I saw him last October, I saw him in January, but I won't see him in November. This seems impossible to reconcile with the last image I hold of him, with the recurrent surprise of his longevity. Not his physical youthfulness, which was in itself miraculous, but the vitality of his mind: his unbelievable memory, allowing him to quote the entire cast of any film from the 60s; his quick wit and good humour, capable of defusing any solemnity. Fuentes's intellectual leadership is inexhaustible. Several generations learned from him and a few others what Latin American literature is. I learned, for instance, that this literature is the exact opposite of local literature, and that the Latin American novelist will embrace the world, accept or seek every influence of every tradition, devour every theme and every territory. I also learned to read: Cervantes and the chroniclers of the Indies and Broch and Musil. Fuentes's work passed on an idea of ambition – what it is, what it is for; it also pointed out that fidelity to a vocation does not mean hiding away from the world, but rather engaging with it and seeking its reinvention by the power of the written word. I learned, finally, about generosity of spirit, although I will never be able to practise it as he did.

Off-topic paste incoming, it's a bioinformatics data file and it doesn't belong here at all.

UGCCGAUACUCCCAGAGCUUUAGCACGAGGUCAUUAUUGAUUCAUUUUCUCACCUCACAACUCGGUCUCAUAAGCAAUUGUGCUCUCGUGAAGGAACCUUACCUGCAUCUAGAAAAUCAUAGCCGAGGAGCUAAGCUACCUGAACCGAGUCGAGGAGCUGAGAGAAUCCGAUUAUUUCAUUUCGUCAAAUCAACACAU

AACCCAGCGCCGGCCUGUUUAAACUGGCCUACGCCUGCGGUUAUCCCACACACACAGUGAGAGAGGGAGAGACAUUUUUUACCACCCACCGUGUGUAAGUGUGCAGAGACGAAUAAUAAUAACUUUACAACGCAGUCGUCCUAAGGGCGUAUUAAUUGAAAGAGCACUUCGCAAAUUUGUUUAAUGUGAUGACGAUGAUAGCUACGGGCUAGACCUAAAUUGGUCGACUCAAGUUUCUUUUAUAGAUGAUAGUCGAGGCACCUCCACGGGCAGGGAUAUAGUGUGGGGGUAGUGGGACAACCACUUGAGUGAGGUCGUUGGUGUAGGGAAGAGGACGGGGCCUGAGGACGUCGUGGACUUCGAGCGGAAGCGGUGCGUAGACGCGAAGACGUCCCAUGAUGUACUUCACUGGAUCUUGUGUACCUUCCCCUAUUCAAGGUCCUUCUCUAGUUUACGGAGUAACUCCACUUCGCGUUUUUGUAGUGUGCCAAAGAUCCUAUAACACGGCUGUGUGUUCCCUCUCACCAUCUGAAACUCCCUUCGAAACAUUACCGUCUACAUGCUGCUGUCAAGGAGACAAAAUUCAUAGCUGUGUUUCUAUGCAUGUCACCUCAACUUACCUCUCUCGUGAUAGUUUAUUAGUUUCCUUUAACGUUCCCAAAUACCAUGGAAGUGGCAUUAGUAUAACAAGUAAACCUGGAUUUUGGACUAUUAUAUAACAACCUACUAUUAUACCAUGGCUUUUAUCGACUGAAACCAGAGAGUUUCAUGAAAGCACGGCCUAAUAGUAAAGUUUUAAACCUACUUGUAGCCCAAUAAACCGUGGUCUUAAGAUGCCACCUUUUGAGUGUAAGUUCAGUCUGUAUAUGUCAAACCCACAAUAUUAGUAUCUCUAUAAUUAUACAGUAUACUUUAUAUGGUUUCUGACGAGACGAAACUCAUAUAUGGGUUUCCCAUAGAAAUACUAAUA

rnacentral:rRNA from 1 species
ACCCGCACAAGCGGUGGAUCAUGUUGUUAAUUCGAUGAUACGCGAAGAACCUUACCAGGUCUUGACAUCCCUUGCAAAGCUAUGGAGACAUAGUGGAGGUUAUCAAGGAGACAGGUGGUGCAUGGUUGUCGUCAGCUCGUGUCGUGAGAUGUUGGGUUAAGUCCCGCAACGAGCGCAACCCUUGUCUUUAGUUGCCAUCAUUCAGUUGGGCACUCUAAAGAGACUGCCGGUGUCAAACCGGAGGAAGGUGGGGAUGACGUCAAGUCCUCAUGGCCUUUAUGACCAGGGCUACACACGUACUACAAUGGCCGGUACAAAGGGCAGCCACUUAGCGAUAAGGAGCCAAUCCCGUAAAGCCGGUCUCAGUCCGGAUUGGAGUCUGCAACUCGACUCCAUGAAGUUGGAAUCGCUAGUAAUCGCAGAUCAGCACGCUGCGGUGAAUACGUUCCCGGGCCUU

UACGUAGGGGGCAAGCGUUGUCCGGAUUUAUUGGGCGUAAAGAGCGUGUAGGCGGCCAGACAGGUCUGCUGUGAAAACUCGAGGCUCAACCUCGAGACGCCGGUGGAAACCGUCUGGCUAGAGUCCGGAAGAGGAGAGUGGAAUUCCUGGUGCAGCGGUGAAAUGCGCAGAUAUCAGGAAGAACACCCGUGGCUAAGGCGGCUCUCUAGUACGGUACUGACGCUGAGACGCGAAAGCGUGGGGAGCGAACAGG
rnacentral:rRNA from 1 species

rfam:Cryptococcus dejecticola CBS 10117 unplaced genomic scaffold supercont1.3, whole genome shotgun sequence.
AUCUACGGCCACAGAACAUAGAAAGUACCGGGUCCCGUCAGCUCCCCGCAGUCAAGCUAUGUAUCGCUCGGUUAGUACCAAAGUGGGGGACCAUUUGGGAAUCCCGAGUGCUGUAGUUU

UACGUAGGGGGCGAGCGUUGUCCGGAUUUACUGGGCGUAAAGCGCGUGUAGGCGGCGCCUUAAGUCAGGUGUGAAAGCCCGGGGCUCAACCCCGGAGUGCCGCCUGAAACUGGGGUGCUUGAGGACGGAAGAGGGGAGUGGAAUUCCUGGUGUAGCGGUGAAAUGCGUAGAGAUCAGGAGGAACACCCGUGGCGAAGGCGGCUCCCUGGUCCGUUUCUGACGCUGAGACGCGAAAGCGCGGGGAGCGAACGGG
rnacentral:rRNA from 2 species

A few months ago, through someone else's initiative and for reasons not pertinent here, I wrote to him asking who were his deceased. The question meant to touch upon Francisco de Quevedo's famous poem:
"Retreated in the peace of these deserts
With few but learned books together
I live with the deceased in conversation
And with my eyes I listen to the dead."
His answer reached me a couple of days later. His handwriting, which I knew before meeting him (having seen it in facsimiles, in autographs), had become almost indecipherable, but its message was as luminous as can be: "My deceased, you may imagine, are all those ancestors I remember (very few) and all those I am unable to (the great majority). I am what I am – and you are what you are – because of them." And tonight I cannot help but think that Fuentes has become one of those deceased; and after the mourning and the sadness, here, in my library where so many learned books stand together, I'm thinking at least I will live with him in conversation. I will listen to him with my eyes.